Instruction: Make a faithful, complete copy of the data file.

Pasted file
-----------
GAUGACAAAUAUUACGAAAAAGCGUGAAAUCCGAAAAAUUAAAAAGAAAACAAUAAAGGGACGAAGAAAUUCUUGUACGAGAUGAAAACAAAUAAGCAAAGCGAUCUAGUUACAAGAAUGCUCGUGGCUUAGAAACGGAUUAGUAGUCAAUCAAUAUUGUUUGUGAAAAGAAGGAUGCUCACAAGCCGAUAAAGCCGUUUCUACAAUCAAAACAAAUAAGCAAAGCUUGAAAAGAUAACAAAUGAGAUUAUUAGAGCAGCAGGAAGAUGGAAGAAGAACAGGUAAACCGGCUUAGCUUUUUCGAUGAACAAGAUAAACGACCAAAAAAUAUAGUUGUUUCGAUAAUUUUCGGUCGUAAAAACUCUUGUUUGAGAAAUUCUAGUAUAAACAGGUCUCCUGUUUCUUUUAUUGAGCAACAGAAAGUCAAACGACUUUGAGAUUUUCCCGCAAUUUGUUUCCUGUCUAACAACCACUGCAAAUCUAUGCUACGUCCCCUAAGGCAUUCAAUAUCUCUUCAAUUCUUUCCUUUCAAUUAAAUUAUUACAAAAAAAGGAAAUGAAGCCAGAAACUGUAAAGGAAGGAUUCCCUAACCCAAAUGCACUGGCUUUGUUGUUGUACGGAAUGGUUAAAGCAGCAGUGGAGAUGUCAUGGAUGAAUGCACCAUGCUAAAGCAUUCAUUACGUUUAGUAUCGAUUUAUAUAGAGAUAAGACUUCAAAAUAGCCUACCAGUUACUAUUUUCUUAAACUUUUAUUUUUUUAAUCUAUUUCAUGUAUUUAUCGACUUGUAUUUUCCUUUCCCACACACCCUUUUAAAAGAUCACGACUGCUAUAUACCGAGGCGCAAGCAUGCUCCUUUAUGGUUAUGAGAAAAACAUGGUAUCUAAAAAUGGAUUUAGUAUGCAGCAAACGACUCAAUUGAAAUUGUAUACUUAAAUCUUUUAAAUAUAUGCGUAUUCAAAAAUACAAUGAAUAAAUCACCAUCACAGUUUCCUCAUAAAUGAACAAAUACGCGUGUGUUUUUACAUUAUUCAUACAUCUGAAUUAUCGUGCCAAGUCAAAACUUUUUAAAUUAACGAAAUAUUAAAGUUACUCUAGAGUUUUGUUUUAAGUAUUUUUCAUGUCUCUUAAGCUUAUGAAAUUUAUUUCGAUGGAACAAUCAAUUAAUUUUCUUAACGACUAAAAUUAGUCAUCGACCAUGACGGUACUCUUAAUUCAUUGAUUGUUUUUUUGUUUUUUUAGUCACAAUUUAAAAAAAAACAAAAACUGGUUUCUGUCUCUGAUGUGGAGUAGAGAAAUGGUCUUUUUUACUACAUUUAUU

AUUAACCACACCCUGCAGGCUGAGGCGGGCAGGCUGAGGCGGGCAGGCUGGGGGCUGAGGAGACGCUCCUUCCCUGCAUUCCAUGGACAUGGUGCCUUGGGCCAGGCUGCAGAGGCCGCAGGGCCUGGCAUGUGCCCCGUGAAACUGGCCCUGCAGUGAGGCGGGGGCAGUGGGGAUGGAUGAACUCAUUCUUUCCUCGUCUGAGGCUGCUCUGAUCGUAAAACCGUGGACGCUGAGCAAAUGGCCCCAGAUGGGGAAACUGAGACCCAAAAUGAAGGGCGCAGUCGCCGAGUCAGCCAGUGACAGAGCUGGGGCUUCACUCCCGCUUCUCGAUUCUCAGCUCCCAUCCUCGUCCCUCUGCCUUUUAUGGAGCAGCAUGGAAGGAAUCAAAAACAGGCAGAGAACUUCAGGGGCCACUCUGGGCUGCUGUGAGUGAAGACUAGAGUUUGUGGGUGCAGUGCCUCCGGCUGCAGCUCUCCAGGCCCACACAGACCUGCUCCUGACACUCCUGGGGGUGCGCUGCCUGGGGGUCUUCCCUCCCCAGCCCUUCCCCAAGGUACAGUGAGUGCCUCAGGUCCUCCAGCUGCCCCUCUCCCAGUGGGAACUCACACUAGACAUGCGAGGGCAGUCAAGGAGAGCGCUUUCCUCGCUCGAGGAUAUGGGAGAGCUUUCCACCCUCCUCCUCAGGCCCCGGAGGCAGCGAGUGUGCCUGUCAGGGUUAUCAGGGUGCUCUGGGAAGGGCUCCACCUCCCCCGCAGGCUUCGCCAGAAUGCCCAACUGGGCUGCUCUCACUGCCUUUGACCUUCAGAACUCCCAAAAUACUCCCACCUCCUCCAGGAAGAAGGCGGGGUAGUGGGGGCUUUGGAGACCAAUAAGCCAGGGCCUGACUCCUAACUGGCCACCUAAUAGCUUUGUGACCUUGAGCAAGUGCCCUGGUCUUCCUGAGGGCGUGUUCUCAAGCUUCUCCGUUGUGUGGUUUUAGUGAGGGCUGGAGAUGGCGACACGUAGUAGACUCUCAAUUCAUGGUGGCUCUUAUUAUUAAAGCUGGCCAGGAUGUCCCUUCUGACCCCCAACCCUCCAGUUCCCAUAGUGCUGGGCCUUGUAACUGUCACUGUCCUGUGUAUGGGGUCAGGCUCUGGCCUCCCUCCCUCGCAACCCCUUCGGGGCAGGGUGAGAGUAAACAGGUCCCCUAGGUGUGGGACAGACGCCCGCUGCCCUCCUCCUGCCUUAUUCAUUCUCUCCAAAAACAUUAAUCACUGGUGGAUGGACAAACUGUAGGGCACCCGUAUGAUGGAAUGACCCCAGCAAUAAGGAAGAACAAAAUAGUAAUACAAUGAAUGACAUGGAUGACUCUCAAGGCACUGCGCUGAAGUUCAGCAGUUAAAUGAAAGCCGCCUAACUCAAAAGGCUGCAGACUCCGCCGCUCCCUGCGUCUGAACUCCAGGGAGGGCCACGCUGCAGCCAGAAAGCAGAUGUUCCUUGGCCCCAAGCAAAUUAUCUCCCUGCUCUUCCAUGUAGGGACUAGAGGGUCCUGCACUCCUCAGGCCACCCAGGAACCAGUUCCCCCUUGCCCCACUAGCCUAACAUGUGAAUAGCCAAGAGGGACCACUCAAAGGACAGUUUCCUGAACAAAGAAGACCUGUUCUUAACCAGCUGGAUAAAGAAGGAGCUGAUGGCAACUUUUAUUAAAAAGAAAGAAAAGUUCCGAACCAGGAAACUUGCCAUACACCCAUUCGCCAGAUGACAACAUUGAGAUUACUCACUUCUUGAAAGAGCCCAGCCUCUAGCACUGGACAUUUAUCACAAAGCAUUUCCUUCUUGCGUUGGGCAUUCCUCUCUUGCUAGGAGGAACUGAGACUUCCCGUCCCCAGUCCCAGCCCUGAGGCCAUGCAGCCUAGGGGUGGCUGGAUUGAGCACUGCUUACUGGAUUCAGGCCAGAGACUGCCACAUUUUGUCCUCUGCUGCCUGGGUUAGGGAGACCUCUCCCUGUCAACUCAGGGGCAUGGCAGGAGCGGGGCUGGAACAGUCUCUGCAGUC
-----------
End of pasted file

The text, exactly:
GAUGACAAAUAUUACGAAAAAGCGUGAAAUCCGAAAAAUUAAAAAGAAAACAAUAAAGGGACGAAGAAAUUCUUGUACGAGAUGAAAACAAAUAAGCAAAGCGAUCUAGUUACAAGAAUGCUCGUGGCUUAGAAACGGAUUAGUAGUCAAUCAAUAUUGUUUGUGAAAAGAAGGAUGCUCACAAGCCGAUAAAGCCGUUUCUACAAUCAAAACAAAUAAGCAAAGCUUGAAAAGAUAACAAAUGAGAUUAUUAGAGCAGCAGGAAGAUGGAAGAAGAACAGGUAAACCGGCUUAGCUUUUUCGAUGAACAAGAUAAACGACCAAAAAAUAUAGUUGUUUCGAUAAUUUUCGGUCGUAAAAACUCUUGUUUGAGAAAUUCUAGUAUAAACAGGUCUCCUGUUUCUUUUAUUGAGCAACAGAAAGUCAAACGACUUUGAGAUUUUCCCGCAAUUUGUUUCCUGUCUAACAACCACUGCAAAUCUAUGCUACGUCCCCUAAGGCAUUCAAUAUCUCUUCAAUUCUUUCCUUUCAAUUAAAUUAUUACAAAAAAAGGAAAUGAAGCCAGAAACUGUAAAGGAAGGAUUCCCUAACCCAAAUGCACUGGCUUUGUUGUUGUACGGAAUGGUUAAAGCAGCAGUGGAGAUGUCAUGGAUGAAUGCACCAUGCUAAAGCAUUCAUUACGUUUAGUAUCGAUUUAUAUAGAGAUAAGACUUCAAAAUAGCCUACCAGUUACUAUUUUCUUAAACUUUUAUUUUUUUAAUCUAUUUCAUGUAUUUAUCGACUUGUAUUUUCCUUUCCCACACACCCUUUUAAAAGAUCACGACUGCUAUAUACCGAGGCGCAAGCAUGCUCCUUUAUGGUUAUGAGAAAAACAUGGUAUCUAAAAAUGGAUUUAGUAUGCAGCAAACGACUCAAUUGAAAUUGUAUACUUAAAUCUUUUAAAUAUAUGCGUAUUCAAAAAUACAAUGAAUAAAUCACCAUCACAGUUUCCUCAUAAAUGAACAAAUACGCGUGUGUUUUUACAUUAUUCAUACAUCUGAAUUAUCGUGCCAAGUCAAAACUUUUUAAAUUAACGAAAUAUUAAAGUUACUCUAGAGUUUUGUUUUAAGUAUUUUUCAUGUCUCUUAAGCUUAUGAAAUUUAUUUCGAUGGAACAAUCAAUUAAUUUUCUUAACGACUAAAAUUAGUCAUCGACCAUGACGGUACUCUUAAUUCAUUGAUUGUUUUUUUGUUUUUUUAGUCACAAUUUAAAAAAAAACAAAAACUGGUUUCUGUCUCUGAUGUGGAGUAGAGAAAUGGUCUUUUUUACUACAUUUAUU

AUUAACCACACCCUGCAGGCUGAGGCGGGCAGGCUGAGGCGGGCAGGCUGGGGGCUGAGGAGACGCUCCUUCCCUGCAUUCCAUGGACAUGGUGCCUUGGGCCAGGCUGCAGAGGCCGCAGGGCCUGGCAUGUGCCCCGUGAAACUGGCCCUGCAGUGAGGCGGGGGCAGUGGGGAUGGAUGAACUCAUUCUUUCCUCGUCUGAGGCUGCUCUGAUCGUAAAACCGUGGACGCUGAGCAAAUGGCCCCAGAUGGGGAAACUGAGACCCAAAAUGAAGGGCGCAGUCGCCGAGUCAGCCAGUGACAGAGCUGGGGCUUCACUCCCGCUUCUCGAUUCUCAGCUCCCAUCCUCGUCCCUCUGCCUUUUAUGGAGCAGCAUGGAAGGAAUCAAAAACAGGCAGAGAACUUCAGGGGCCACUCUGGGCUGCUGUGAGUGAAGACUAGAGUUUGUGGGUGCAGUGCCUCCGGCUGCAGCUCUCCAGGCCCACACAGACCUGCUCCUGACACUCCUGGGGGUGCGCUGCCUGGGGGUCUUCCCUCCCCAGCCCUUCCCCAAGGUACAGUGAGUGCCUCAGGUCCUCCAGCUGCCCCUCUCCCAGUGGGAACUCACACUAGACAUGCGAGGGCAGUCAAGGAGAGCGCUUUCCUCGCUCGAGGAUAUGGGAGAGCUUUCCACCCUCCUCCUCAGGCCCCGGAGGCAGCGAGUGUGCCUGUCAGGGUUAUCAGGGUGCUCUGGGAAGGGCUCCACCUCCCCCGCAGGCUUCGCCAGAAUGCCCAACUGGGCUGCUCUCACUGCCUUUGACCUUCAGAACUCCCAAAAUACUCCCACCUCCUCCAGGAAGAAGGCGGGGUAGUGGGGGCUUUGGAGACCAAUAAGCCAGGGCCUGACUCCUAACUGGCCACCUAAUAGCUUUGUGACCUUGAGCAAGUGCCCUGGUCUUCCUGAGGGCGUGUUCUCAAGCUUCUCCGUUGUGUGGUUUUAGUGAGGGCUGGAGAUGGCGACACGUAGUAGACUCUCAAUUCAUGGUGGCUCUUAUUAUUAAAGCUGGCCAGGAUGUCCCUUCUGACCCCCAACCCUCCAGUUCCCAUAGUGCUGGGCCUUGUAACUGUCACUGUCCUGUGUAUGGGGUCAGGCUCUGGCCUCCCUCCCUCGCAACCCCUUCGGGGCAGGGUGAGAGUAAACAGGUCCCCUAGGUGUGGGACAGACGCCCGCUGCCCUCCUCCUGCCUUAUUCAUUCUCUCCAAAAACAUUAAUCACUGGUGGAUGGACAAACUGUAGGGCACCCGUAUGAUGGAAUGACCCCAGCAAUAAGGAAGAACAAAAUAGUAAUACAAUGAAUGACAUGGAUGACUCUCAAGGCACUGCGCUGAAGUUCAGCAGUUAAAUGAAAGCCGCCUAACUCAAAAGGCUGCAGACUCCGCCGCUCCCUGCGUCUGAACUCCAGGGAGGGCCACGCUGCAGCCAGAAAGCAGAUGUUCCUUGGCCCCAAGCAAAUUAUCUCCCUGCUCUUCCAUGUAGGGACUAGAGGGUCCUGCACUCCUCAGGCCACCCAGGAACCAGUUCCCCCUUGCCCCACUAGCCUAACAUGUGAAUAGCCAAGAGGGACCACUCAAAGGACAGUUUCCUGAACAAAGAAGACCUGUUCUUAACCAGCUGGAUAAAGAAGGAGCUGAUGGCAACUUUUAUUAAAAAGAAAGAAAAGUUCCGAACCAGGAAACUUGCCAUACACCCAUUCGCCAGAUGACAACAUUGAGAUUACUCACUUCUUGAAAGAGCCCAGCCUCUAGCACUGGACAUUUAUCACAAAGCAUUUCCUUCUUGCGUUGGGCAUUCCUCUCUUGCUAGGAGGAACUGAGACUUCCCGUCCCCAGUCCCAGCCCUGAGGCCAUGCAGCCUAGGGGUGGCUGGAUUGAGCACUGCUUACUGGAUUCAGGCCAGAGACUGCCACAUUUUGUCCUCUGCUGCCUGGGUUAGGGAGACCUCUCCCUGUCAACUCAGGGGCAUGGCAGGAGCGGGGCUGGAACAGUCUCUGCAGUC